The Inflation Reduction Act included an $80 billion increase over ten years for the Internal Revenue Service.  Subsequently as part of the agreement on the debt ceiling, the IRS budget would be cut by up to $21.4 billion over three years.  The dueling between the Republicans, who want to cut the IRS budget, and the Democrats, who want to increase it, leaves the actual future of the IRS funding in limbo.  It appears that the IRS will get some additional money, but not all that the Democrats wanted. 

The Democrats argue that increasing the IRS budget would allow the IRS to collect additional taxes that are not being paid and would actually increase the government’s income.  The AP reports:

“The Congressional Budget Office has projected that the $1.4 billion rescission will actually increase deficits by about $900 million over the next decade because it will lead to less tax revenue coming in. ‘CBO anticipates that rescinding those funds would result in fewer enforcement actions over the next decade and in a reduction in revenue collections,’ states the May 30 report to Speaker Kevin McCarthy, R-Calif. The CBO’s projections did not include the $20 billion that the White House agreed to divert to other programs.”

The Republicans claim that the additional IRS agents would go after low- and middle-class taxpayers, while the Democrats argue that they would go after wealthy taxpayers.  The Democrats say that the current IRS staffing shortages means that it now audits lower income taxpayers more than wealthy ones. 

Politico said in May;

Republicans’ proposal to rescind $71 billion in IRS funding pushed through by Democrats last year would cut projected tax receipts by $191 billion over the next decade, the nonpartisan Congressional Budget Office estimates.The result: The government would find itself an additional $120 billion in the hole….

The IRS has just 2,600 people who are responsible for examining the 390,000 wealthiest Americans, including people making more than $10 million and large corporations, Commissioner Danny Werfel told lawmakers last month.

And their filings, he added, can be exceedingly complex.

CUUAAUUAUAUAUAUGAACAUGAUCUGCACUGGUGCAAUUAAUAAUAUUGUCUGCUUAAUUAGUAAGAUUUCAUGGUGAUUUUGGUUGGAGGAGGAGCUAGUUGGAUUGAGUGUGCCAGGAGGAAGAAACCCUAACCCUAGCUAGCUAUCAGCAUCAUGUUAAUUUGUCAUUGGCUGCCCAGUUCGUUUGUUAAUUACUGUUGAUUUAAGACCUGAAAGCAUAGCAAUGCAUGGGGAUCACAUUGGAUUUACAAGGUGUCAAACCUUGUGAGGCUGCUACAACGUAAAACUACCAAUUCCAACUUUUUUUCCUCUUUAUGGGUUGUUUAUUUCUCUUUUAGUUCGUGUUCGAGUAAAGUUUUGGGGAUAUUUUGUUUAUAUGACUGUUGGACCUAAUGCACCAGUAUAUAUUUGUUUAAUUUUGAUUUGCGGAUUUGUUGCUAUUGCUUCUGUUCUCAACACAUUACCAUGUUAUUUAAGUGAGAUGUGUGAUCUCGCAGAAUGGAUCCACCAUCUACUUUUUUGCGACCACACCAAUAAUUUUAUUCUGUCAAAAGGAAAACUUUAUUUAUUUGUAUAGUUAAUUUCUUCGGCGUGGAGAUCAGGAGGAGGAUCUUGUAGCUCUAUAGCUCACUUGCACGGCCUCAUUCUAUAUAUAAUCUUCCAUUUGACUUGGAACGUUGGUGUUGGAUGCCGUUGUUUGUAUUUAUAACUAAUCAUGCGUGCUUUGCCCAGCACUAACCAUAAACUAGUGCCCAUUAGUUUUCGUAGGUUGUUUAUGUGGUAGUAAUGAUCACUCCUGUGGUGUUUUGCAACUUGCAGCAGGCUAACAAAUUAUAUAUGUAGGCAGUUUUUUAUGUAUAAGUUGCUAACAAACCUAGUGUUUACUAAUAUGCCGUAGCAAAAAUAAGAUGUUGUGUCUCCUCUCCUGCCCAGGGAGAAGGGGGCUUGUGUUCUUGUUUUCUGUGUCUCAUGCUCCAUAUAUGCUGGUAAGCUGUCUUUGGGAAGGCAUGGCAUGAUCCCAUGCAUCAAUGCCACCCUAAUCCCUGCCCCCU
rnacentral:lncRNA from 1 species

“The returns that come from our wealthiest filers are sometimes thousands, tens of thousands and sometimes hundreds of thousands of pages long,” said Werfel.

Though forecasters agree spending a dollar on an audit generates that and more in savings to the government, how much more is disputed. CBO initially said last year that Democrats’ plans would produce an additional $207 billion in revenue, which, once the $80 billion was taken into consideration, would save a net $127 billion over a decade.

The agency later ratcheted that down to $100 billion after Yellen, in response to Republican complaints, said the IRS would not increase audits of people making less than $400,000.


It looks to me like the Republicans are taking care of their rich supporters, some of whom may be cheating on their taxes, and want to keep cheating.  Republicans go nuts criticizing shoplifting and violent criminal activity but are not concerned about millionaires and billionaires who may be cheating the government out of millions of dollars in taxes that the law requires them to pay.  Republicans and Democrats favor unequal enforcement of the law, but they disagree on which laws should be enforced.  Democrats say ignore crimes by poor people; Republicans say ignore crimes by rich people. 

The money saved by rich people cheating on their taxes is in addition to the many tax breaks that are written into the law at the behest of special interest lobbyists – all kinds of deductions and exemptions that are very hard to track for individuals who are involved in complicated businesses. 

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